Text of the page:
Pilot Week day 1 – It’ll give you the skits

The caste of Skit Happens all smiling

Ten’s Pilot Week started with the ensemble sketch show Skit Happens and Sam Dastiyari’s Disgrace, in which the ex-politician and a panel analyse gutter journalism. And while the latter was a Gruen-style peek behind a curtain we’ve looked behind a number of times under our own steam, thanks, and Dastiyari and panel didn’t tell us anything we didn’t already know, Skit Happens was…yeah, actually it was like every traditional sketch show this country’s produced for ages. So, if you were expecting innovative new ideas and exciting talent from Pilot Week’s opening salvo, er, forget it.

Yes, that was Heath Franklin as a skateboarding Matt Preston. Because it’s seemingly impossible to make a sketch show in this country without parodying a popular show or personality via the medium of a lame high concept. Which means that we not only got Skateboarding Matt Preston but also a parody of Love Island but with desperate, single women competing for the interest of a cute fluffy cat, and a look into the life of a guy who’s Waleed Aly’s stand-by*. Stand-by Waleed, in case you’re wondering, spends all of his time in a “break in case of fire”-style glass box, waiting to be needed. Presumably, the box will be broken open and he’ll have his chance to shine in the final episode of the first series that Skit Happens isn’t getting.

Speaking of which…there were recurring characters too, or, given that this was a pilot, characters clearly designed to recur whether audiences embraced them or not. Enter Juan, the hot(-ish) Spanish fridge mechanic who can fix fridges by dancing to some sexy Latin beats and whispering sweet love to the afflicted white good. Or the Aussie backpackers driving a Combi van around Europe who have no interest in actually seeing the countries they’re visiting. Sure, we’ve all met people like the backpackers, but we never want to again. So by television logic, if Skit Happens gets a series we will. Every goddam week.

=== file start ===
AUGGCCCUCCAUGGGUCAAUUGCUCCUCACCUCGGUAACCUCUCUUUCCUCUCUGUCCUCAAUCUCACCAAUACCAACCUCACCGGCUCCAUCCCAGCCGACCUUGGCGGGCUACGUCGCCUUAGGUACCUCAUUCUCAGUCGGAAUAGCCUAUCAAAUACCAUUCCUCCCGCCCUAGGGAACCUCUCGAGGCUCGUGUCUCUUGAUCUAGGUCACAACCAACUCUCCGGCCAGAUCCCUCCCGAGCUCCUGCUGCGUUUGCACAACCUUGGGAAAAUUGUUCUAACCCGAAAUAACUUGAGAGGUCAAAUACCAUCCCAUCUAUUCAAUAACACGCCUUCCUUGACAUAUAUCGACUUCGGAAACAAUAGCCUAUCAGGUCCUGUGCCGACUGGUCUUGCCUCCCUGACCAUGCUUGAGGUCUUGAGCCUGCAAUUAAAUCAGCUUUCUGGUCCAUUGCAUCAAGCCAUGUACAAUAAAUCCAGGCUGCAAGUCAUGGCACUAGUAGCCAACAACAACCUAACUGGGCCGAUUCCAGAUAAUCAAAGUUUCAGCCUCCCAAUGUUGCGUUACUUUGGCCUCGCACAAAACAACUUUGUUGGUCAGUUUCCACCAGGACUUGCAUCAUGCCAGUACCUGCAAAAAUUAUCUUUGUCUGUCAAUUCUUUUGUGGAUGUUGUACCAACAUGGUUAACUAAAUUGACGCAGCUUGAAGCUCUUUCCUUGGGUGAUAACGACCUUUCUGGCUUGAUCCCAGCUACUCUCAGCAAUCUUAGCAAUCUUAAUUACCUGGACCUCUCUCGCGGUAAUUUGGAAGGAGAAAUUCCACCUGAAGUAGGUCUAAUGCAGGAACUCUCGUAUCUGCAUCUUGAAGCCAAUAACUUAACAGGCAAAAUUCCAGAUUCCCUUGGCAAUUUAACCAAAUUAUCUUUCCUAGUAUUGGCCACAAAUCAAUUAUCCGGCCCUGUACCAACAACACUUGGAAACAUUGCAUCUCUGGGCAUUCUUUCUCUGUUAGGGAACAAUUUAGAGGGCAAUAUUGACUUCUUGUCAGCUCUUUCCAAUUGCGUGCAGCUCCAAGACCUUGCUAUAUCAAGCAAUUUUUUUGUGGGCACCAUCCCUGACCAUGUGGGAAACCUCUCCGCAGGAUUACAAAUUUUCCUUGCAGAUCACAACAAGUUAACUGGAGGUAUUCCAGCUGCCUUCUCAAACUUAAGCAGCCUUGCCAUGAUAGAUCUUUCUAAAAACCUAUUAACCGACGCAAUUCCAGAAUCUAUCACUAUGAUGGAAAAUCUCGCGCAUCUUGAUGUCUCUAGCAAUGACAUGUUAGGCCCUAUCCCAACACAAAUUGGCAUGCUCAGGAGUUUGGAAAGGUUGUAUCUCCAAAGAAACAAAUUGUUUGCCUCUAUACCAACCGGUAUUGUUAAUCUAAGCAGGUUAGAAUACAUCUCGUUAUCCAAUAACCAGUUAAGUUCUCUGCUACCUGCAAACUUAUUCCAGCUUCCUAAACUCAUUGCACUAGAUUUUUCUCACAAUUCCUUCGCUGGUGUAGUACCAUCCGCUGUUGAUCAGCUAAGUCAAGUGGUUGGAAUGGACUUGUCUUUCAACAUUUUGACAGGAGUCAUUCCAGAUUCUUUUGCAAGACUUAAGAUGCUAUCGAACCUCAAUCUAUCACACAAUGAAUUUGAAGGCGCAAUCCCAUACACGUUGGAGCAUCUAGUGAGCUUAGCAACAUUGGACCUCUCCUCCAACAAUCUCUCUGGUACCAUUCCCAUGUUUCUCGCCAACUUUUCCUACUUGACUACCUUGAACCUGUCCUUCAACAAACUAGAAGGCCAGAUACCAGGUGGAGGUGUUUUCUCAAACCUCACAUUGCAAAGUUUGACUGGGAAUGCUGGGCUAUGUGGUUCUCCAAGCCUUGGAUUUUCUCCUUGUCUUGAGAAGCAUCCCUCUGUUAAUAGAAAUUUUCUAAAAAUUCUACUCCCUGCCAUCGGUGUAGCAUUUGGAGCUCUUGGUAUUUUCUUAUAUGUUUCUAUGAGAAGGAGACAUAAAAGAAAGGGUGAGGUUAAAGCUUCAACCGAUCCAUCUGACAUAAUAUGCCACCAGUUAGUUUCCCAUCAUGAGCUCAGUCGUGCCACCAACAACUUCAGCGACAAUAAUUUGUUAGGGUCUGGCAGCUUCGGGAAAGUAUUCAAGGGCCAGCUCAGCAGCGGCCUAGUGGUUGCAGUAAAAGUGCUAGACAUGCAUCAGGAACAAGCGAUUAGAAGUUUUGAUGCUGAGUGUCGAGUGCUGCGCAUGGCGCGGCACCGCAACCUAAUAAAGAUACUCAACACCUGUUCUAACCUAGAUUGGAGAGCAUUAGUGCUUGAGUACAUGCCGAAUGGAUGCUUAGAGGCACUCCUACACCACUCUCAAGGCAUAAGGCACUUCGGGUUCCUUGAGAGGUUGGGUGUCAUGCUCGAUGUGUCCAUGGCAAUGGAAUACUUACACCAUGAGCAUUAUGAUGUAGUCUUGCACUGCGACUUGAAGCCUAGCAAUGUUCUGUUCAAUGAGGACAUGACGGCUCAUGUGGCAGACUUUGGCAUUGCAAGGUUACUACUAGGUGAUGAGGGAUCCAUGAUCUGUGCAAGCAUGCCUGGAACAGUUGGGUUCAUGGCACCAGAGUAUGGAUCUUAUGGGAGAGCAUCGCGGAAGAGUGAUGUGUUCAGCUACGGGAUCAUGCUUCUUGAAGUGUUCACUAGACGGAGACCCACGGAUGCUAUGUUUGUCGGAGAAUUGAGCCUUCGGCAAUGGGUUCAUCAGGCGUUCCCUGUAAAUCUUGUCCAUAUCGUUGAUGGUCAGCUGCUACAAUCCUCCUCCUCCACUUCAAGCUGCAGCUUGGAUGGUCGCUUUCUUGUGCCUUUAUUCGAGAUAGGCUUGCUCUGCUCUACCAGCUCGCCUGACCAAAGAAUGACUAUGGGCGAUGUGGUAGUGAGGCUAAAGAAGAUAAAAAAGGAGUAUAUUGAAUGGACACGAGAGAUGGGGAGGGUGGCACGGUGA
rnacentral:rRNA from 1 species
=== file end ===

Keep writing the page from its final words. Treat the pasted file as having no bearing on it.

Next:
(what’s the difference between a good sketch show and a shit one? The good sketch show has sketches based on funny ideas; the shit sketch show has sketches based on “funny” characters)

Oh, and why is it that every single sketch in this show (and almost every other Australian sketch show made in the past 20 years) seems to go on for ages despite it containing just one (or less) comic ideas? Has anyone in TV ever considered that if they picked up the pace and gave that one idea the runtime it deserves (30 seconds or less), these shows might not haemorrhage viewers until they’re axed at the end of series one?

There are lots of problems with Skit Happens and sketch shows like it (and we’ll go into more detail about this when we’ve fully digested the full force of Pilot Week), but the basic problem here – apart from that it’s not very funny – is that there’s no reason for it to exist, let alone for viewers to tune in. The show isn’t built around any kind of over-arching concept or hook, and the personnel don’t seem to have a rapport or have worked together much so they haven’t developed a theme or a shared vision for what this show’s about. They’ve just created some characters and written some sketches and these are the least worst of them. Enjoy! Or not. Mostly not.

As for Disgrace… yeah, we’ve been there, done that, and it was hosted by Lawrence Mooney. But Unlike Dirty Laundry Live, this… actually, what did it do that was different from Dirty Laundry Live? Well, the entire panel was markedly less funny for starters. But surprisingly, they weren’t the usual faces, which gave it a couple points for novelty. And it desperately needed them, because a panel show discussing celebrity news is roughly 40% of Australian television once you factor in breakfast and morning shows and this did absolutely nothing to separate itself from the pack.

So yeah, this one’ll probably go to series. Just don’t expect us to tune in ever again.

* Just how bad was Skit Happens? We didn’t even laugh at the joke about Charlie Pickering’s shit-eating grin.

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